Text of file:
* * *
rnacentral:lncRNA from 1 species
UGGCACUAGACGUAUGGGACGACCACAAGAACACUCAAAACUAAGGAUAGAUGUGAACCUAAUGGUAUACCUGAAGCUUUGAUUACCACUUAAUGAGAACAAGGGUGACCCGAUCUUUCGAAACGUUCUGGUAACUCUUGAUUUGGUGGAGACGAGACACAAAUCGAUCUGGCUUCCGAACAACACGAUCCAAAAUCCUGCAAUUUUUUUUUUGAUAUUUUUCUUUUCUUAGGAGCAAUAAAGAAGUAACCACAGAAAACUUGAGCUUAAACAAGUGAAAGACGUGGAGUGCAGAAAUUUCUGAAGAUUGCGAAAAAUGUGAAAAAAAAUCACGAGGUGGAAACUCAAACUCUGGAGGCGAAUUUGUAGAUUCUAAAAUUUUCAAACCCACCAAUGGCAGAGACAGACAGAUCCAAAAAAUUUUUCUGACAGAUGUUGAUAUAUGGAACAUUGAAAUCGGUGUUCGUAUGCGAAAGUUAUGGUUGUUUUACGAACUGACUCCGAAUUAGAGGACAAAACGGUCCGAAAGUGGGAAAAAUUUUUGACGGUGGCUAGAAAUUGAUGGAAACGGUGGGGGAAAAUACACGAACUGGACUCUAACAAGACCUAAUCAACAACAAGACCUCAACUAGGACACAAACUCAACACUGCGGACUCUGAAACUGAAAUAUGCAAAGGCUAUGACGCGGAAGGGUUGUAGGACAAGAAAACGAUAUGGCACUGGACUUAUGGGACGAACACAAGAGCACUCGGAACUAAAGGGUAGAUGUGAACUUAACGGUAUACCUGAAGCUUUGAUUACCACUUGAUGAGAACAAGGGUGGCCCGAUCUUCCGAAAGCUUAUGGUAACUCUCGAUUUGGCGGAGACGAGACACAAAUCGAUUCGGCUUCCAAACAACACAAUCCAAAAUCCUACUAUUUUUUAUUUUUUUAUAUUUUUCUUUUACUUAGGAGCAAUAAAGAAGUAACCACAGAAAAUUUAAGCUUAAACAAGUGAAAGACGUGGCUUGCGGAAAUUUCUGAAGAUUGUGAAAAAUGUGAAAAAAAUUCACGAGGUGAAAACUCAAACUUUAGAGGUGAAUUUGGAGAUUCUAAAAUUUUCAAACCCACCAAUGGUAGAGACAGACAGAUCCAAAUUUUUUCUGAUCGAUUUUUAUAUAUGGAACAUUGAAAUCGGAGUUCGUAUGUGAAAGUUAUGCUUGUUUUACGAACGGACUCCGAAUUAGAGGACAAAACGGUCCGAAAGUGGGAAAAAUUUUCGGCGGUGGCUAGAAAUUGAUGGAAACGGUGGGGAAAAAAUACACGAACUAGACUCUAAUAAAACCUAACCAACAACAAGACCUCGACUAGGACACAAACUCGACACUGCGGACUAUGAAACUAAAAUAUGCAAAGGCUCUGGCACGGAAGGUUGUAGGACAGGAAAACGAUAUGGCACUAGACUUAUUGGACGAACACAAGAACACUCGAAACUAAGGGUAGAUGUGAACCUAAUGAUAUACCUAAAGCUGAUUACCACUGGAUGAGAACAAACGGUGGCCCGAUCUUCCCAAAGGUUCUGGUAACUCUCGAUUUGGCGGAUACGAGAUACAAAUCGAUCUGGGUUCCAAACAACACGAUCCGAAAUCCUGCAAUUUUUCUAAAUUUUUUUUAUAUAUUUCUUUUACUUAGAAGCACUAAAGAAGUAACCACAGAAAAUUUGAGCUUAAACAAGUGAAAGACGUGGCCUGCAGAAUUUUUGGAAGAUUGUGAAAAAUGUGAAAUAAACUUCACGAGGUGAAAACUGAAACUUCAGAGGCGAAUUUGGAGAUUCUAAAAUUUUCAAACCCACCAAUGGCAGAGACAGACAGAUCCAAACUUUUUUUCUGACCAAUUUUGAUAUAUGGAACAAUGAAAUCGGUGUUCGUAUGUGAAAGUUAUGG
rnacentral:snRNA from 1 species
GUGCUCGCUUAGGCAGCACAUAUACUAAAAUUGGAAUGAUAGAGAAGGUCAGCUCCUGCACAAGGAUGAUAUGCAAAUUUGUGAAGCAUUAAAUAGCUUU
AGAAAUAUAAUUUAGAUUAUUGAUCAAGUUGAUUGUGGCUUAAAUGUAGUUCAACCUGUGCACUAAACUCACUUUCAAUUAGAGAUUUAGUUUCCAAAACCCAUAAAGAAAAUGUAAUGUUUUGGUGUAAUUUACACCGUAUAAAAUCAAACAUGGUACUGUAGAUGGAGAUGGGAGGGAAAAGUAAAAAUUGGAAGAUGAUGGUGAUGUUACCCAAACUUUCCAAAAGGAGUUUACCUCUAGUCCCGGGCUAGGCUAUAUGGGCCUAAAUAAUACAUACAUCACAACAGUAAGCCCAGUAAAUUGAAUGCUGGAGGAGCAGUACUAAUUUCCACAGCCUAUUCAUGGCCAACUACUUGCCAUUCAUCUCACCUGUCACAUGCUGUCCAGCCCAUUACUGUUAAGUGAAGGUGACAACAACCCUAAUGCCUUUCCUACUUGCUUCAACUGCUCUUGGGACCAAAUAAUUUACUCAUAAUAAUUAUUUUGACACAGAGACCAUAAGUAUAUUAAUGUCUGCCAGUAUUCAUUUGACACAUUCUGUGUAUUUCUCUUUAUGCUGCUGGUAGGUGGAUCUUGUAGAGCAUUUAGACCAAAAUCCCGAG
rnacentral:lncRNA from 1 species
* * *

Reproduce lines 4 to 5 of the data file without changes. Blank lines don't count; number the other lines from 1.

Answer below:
GUGCUCGCUUAGGCAGCACAUAUACUAAAAUUGGAAUGAUAGAGAAGGUCAGCUCCUGCACAAGGAUGAUAUGCAAAUUUGUGAAGCAUUAAAUAGCUUU
AGAAAUAUAAUUUAGAUUAUUGAUCAAGUUGAUUGUGGCUUAAAUGUAGUUCAACCUGUGCACUAAACUCACUUUCAAUUAGAGAUUUAGUUUCCAAAACCCAUAAAGAAAAUGUAAUGUUUUGGUGUAAUUUACACCGUAUAAAAUCAAACAUGGUACUGUAGAUGGAGAUGGGAGGGAAAAGUAAAAAUUGGAAGAUGAUGGUGAUGUUACCCAAACUUUCCAAAAGGAGUUUACCUCUAGUCCCGGGCUAGGCUAUAUGGGCCUAAAUAAUACAUACAUCACAACAGUAAGCCCAGUAAAUUGAAUGCUGGAGGAGCAGUACUAAUUUCCACAGCCUAUUCAUGGCCAACUACUUGCCAUUCAUCUCACCUGUCACAUGCUGUCCAGCCCAUUACUGUUAAGUGAAGGUGACAACAACCCUAAUGCCUUUCCUACUUGCUUCAACUGCUCUUGGGACCAAAUAAUUUACUCAUAAUAAUUAUUUUGACACAGAGACCAUAAGUAUAUUAAUGUCUGCCAGUAUUCAUUUGACACAUUCUGUGUAUUUCUCUUUAUGCUGCUGGUAGGUGGAUCUUGUAGAGCAUUUAGACCAAAAUCCCGAG